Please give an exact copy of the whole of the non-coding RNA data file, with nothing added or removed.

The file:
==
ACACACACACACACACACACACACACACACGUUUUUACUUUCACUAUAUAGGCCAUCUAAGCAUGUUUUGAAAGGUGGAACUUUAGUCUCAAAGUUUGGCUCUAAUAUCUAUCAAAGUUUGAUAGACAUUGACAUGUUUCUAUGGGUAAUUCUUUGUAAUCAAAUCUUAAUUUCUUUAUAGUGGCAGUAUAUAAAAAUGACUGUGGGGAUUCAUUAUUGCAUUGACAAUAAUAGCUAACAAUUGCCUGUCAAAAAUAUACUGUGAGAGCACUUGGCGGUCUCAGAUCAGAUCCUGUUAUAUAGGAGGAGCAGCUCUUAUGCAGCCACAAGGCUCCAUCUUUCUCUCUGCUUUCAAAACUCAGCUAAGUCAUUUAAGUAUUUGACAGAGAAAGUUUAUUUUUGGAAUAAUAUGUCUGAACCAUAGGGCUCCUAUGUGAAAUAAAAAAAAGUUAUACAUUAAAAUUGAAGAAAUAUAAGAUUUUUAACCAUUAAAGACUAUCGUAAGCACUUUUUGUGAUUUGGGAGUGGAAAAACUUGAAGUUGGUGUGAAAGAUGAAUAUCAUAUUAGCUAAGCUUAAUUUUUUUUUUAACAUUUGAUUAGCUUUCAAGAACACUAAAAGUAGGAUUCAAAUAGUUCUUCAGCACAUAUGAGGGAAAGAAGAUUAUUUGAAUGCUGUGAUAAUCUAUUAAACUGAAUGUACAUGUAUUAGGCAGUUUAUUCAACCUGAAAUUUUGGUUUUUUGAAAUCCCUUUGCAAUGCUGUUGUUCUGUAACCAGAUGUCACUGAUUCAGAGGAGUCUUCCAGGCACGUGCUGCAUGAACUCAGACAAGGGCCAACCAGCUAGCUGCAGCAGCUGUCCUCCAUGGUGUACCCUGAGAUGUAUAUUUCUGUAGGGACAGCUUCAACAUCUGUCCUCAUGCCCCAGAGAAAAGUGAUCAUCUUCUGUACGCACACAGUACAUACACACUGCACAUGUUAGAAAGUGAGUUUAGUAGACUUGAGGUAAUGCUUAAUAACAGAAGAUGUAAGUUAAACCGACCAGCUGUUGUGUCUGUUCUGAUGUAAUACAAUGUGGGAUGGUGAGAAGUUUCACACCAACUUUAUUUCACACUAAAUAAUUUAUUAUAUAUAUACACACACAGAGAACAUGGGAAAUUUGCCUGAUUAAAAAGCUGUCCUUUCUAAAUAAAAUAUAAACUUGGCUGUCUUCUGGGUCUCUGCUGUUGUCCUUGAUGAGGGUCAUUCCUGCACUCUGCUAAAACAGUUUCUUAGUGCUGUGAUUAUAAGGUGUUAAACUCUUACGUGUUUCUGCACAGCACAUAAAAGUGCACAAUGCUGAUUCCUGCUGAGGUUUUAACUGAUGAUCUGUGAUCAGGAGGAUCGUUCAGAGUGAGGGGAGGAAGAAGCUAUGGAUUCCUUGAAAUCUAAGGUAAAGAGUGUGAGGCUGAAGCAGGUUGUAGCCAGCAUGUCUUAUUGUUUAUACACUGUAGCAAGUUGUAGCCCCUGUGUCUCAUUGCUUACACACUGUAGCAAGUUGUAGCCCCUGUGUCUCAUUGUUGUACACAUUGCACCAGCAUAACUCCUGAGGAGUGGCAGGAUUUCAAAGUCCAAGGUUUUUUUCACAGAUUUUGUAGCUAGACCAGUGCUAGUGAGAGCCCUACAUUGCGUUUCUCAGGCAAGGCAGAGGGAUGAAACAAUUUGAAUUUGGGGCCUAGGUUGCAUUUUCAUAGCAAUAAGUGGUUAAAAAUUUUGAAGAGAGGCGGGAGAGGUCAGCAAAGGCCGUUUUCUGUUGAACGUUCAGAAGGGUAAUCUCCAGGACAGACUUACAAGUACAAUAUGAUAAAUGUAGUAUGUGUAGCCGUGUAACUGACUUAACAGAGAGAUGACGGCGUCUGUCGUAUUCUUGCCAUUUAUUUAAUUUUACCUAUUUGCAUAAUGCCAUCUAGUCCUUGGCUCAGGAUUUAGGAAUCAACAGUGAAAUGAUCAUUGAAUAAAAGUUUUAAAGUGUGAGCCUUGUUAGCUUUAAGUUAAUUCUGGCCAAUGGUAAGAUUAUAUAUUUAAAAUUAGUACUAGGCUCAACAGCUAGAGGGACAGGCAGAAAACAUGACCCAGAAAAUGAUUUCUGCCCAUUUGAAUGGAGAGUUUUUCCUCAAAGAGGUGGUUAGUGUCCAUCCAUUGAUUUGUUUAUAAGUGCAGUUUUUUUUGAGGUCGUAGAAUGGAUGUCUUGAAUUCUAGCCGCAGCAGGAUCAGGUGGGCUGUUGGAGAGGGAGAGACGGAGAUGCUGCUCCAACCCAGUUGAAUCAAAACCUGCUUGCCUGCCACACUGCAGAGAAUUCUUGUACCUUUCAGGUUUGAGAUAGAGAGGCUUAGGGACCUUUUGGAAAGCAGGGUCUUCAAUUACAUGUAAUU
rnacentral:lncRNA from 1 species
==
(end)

ACACACACACACACACACACACACACACACGUUUUUACUUUCACUAUAUAGGCCAUCUAAGCAUGUUUUGAAAGGUGGAACUUUAGUCUCAAAGUUUGGCUCUAAUAUCUAUCAAAGUUUGAUAGACAUUGACAUGUUUCUAUGGGUAAUUCUUUGUAAUCAAAUCUUAAUUUCUUUAUAGUGGCAGUAUAUAAAAAUGACUGUGGGGAUUCAUUAUUGCAUUGACAAUAAUAGCUAACAAUUGCCUGUCAAAAAUAUACUGUGAGAGCACUUGGCGGUCUCAGAUCAGAUCCUGUUAUAUAGGAGGAGCAGCUCUUAUGCAGCCACAAGGCUCCAUCUUUCUCUCUGCUUUCAAAACUCAGCUAAGUCAUUUAAGUAUUUGACAGAGAAAGUUUAUUUUUGGAAUAAUAUGUCUGAACCAUAGGGCUCCUAUGUGAAAUAAAAAAAAGUUAUACAUUAAAAUUGAAGAAAUAUAAGAUUUUUAACCAUUAAAGACUAUCGUAAGCACUUUUUGUGAUUUGGGAGUGGAAAAACUUGAAGUUGGUGUGAAAGAUGAAUAUCAUAUUAGCUAAGCUUAAUUUUUUUUUUAACAUUUGAUUAGCUUUCAAGAACACUAAAAGUAGGAUUCAAAUAGUUCUUCAGCACAUAUGAGGGAAAGAAGAUUAUUUGAAUGCUGUGAUAAUCUAUUAAACUGAAUGUACAUGUAUUAGGCAGUUUAUUCAACCUGAAAUUUUGGUUUUUUGAAAUCCCUUUGCAAUGCUGUUGUUCUGUAACCAGAUGUCACUGAUUCAGAGGAGUCUUCCAGGCACGUGCUGCAUGAACUCAGACAAGGGCCAACCAGCUAGCUGCAGCAGCUGUCCUCCAUGGUGUACCCUGAGAUGUAUAUUUCUGUAGGGACAGCUUCAACAUCUGUCCUCAUGCCCCAGAGAAAAGUGAUCAUCUUCUGUACGCACACAGUACAUACACACUGCACAUGUUAGAAAGUGAGUUUAGUAGACUUGAGGUAAUGCUUAAUAACAGAAGAUGUAAGUUAAACCGACCAGCUGUUGUGUCUGUUCUGAUGUAAUACAAUGUGGGAUGGUGAGAAGUUUCACACCAACUUUAUUUCACACUAAAUAAUUUAUUAUAUAUAUACACACACAGAGAACAUGGGAAAUUUGCCUGAUUAAAAAGCUGUCCUUUCUAAAUAAAAUAUAAACUUGGCUGUCUUCUGGGUCUCUGCUGUUGUCCUUGAUGAGGGUCAUUCCUGCACUCUGCUAAAACAGUUUCUUAGUGCUGUGAUUAUAAGGUGUUAAACUCUUACGUGUUUCUGCACAGCACAUAAAAGUGCACAAUGCUGAUUCCUGCUGAGGUUUUAACUGAUGAUCUGUGAUCAGGAGGAUCGUUCAGAGUGAGGGGAGGAAGAAGCUAUGGAUUCCUUGAAAUCUAAGGUAAAGAGUGUGAGGCUGAAGCAGGUUGUAGCCAGCAUGUCUUAUUGUUUAUACACUGUAGCAAGUUGUAGCCCCUGUGUCUCAUUGCUUACACACUGUAGCAAGUUGUAGCCCCUGUGUCUCAUUGUUGUACACAUUGCACCAGCAUAACUCCUGAGGAGUGGCAGGAUUUCAAAGUCCAAGGUUUUUUUCACAGAUUUUGUAGCUAGACCAGUGCUAGUGAGAGCCCUACAUUGCGUUUCUCAGGCAAGGCAGAGGGAUGAAACAAUUUGAAUUUGGGGCCUAGGUUGCAUUUUCAUAGCAAUAAGUGGUUAAAAAUUUUGAAGAGAGGCGGGAGAGGUCAGCAAAGGCCGUUUUCUGUUGAACGUUCAGAAGGGUAAUCUCCAGGACAGACUUACAAGUACAAUAUGAUAAAUGUAGUAUGUGUAGCCGUGUAACUGACUUAACAGAGAGAUGACGGCGUCUGUCGUAUUCUUGCCAUUUAUUUAAUUUUACCUAUUUGCAUAAUGCCAUCUAGUCCUUGGCUCAGGAUUUAGGAAUCAACAGUGAAAUGAUCAUUGAAUAAAAGUUUUAAAGUGUGAGCCUUGUUAGCUUUAAGUUAAUUCUGGCCAAUGGUAAGAUUAUAUAUUUAAAAUUAGUACUAGGCUCAACAGCUAGAGGGACAGGCAGAAAACAUGACCCAGAAAAUGAUUUCUGCCCAUUUGAAUGGAGAGUUUUUCCUCAAAGAGGUGGUUAGUGUCCAUCCAUUGAUUUGUUUAUAAGUGCAGUUUUUUUUGAGGUCGUAGAAUGGAUGUCUUGAAUUCUAGCCGCAGCAGGAUCAGGUGGGCUGUUGGAGAGGGAGAGACGGAGAUGCUGCUCCAACCCAGUUGAAUCAAAACCUGCUUGCCUGCCACACUGCAGAGAAUUCUUGUACCUUUCAGGUUUGAGAUAGAGAGGCUUAGGGACCUUUUGGAAAGCAGGGUCUUCAAUUACAUGUAAUU
rnacentral:lncRNA from 1 species